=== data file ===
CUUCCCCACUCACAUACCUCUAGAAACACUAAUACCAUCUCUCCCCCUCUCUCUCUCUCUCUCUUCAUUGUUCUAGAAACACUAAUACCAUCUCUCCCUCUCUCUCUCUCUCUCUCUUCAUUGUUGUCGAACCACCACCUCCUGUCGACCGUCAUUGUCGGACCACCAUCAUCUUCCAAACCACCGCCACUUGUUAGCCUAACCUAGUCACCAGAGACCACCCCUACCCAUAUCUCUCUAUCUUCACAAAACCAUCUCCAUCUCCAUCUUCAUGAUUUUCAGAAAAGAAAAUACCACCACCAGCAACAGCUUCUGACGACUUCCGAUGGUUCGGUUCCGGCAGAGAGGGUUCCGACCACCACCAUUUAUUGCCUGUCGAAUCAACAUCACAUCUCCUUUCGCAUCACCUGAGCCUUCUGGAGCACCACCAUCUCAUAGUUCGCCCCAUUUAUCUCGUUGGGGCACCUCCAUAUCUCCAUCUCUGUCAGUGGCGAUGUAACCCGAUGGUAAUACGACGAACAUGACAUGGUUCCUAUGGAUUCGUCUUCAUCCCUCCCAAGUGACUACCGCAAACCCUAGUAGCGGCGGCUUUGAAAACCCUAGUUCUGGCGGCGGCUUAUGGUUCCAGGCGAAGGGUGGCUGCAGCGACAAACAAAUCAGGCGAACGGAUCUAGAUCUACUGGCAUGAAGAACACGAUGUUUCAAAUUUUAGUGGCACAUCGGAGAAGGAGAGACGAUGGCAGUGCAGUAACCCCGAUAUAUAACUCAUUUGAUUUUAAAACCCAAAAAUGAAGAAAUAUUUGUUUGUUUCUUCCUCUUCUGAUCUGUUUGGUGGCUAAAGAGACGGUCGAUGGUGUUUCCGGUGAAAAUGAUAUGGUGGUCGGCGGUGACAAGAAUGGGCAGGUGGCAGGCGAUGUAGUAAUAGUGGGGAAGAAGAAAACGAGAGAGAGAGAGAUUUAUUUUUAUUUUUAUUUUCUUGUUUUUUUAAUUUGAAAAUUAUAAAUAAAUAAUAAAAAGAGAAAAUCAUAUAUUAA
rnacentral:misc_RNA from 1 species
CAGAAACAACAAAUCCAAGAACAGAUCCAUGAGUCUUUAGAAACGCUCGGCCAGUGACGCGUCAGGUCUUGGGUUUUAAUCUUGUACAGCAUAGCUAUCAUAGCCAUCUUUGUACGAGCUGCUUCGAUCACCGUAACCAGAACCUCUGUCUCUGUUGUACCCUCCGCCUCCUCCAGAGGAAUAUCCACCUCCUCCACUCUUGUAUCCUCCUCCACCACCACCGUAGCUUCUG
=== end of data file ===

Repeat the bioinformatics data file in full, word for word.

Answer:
CUUCCCCACUCACAUACCUCUAGAAACACUAAUACCAUCUCUCCCCCUCUCUCUCUCUCUCUCUUCAUUGUUCUAGAAACACUAAUACCAUCUCUCCCUCUCUCUCUCUCUCUCUCUUCAUUGUUGUCGAACCACCACCUCCUGUCGACCGUCAUUGUCGGACCACCAUCAUCUUCCAAACCACCGCCACUUGUUAGCCUAACCUAGUCACCAGAGACCACCCCUACCCAUAUCUCUCUAUCUUCACAAAACCAUCUCCAUCUCCAUCUUCAUGAUUUUCAGAAAAGAAAAUACCACCACCAGCAACAGCUUCUGACGACUUCCGAUGGUUCGGUUCCGGCAGAGAGGGUUCCGACCACCACCAUUUAUUGCCUGUCGAAUCAACAUCACAUCUCCUUUCGCAUCACCUGAGCCUUCUGGAGCACCACCAUCUCAUAGUUCGCCCCAUUUAUCUCGUUGGGGCACCUCCAUAUCUCCAUCUCUGUCAGUGGCGAUGUAACCCGAUGGUAAUACGACGAACAUGACAUGGUUCCUAUGGAUUCGUCUUCAUCCCUCCCAAGUGACUACCGCAAACCCUAGUAGCGGCGGCUUUGAAAACCCUAGUUCUGGCGGCGGCUUAUGGUUCCAGGCGAAGGGUGGCUGCAGCGACAAACAAAUCAGGCGAACGGAUCUAGAUCUACUGGCAUGAAGAACACGAUGUUUCAAAUUUUAGUGGCACAUCGGAGAAGGAGAGACGAUGGCAGUGCAGUAACCCCGAUAUAUAACUCAUUUGAUUUUAAAACCCAAAAAUGAAGAAAUAUUUGUUUGUUUCUUCCUCUUCUGAUCUGUUUGGUGGCUAAAGAGACGGUCGAUGGUGUUUCCGGUGAAAAUGAUAUGGUGGUCGGCGGUGACAAGAAUGGGCAGGUGGCAGGCGAUGUAGUAAUAGUGGGGAAGAAGAAAACGAGAGAGAGAGAGAUUUAUUUUUAUUUUUAUUUUCUUGUUUUUUUAAUUUGAAAAUUAUAAAUAAAUAAUAAAAAGAGAAAAUCAUAUAUUAA
rnacentral:misc_RNA from 1 species
CAGAAACAACAAAUCCAAGAACAGAUCCAUGAGUCUUUAGAAACGCUCGGCCAGUGACGCGUCAGGUCUUGGGUUUUAAUCUUGUACAGCAUAGCUAUCAUAGCCAUCUUUGUACGAGCUGCUUCGAUCACCGUAACCAGAACCUCUGUCUCUGUUGUACCCUCCGCCUCCUCCAGAGGAAUAUCCACCUCCUCCACUCUUGUAUCCUCCUCCACCACCACCGUAGCUUCUG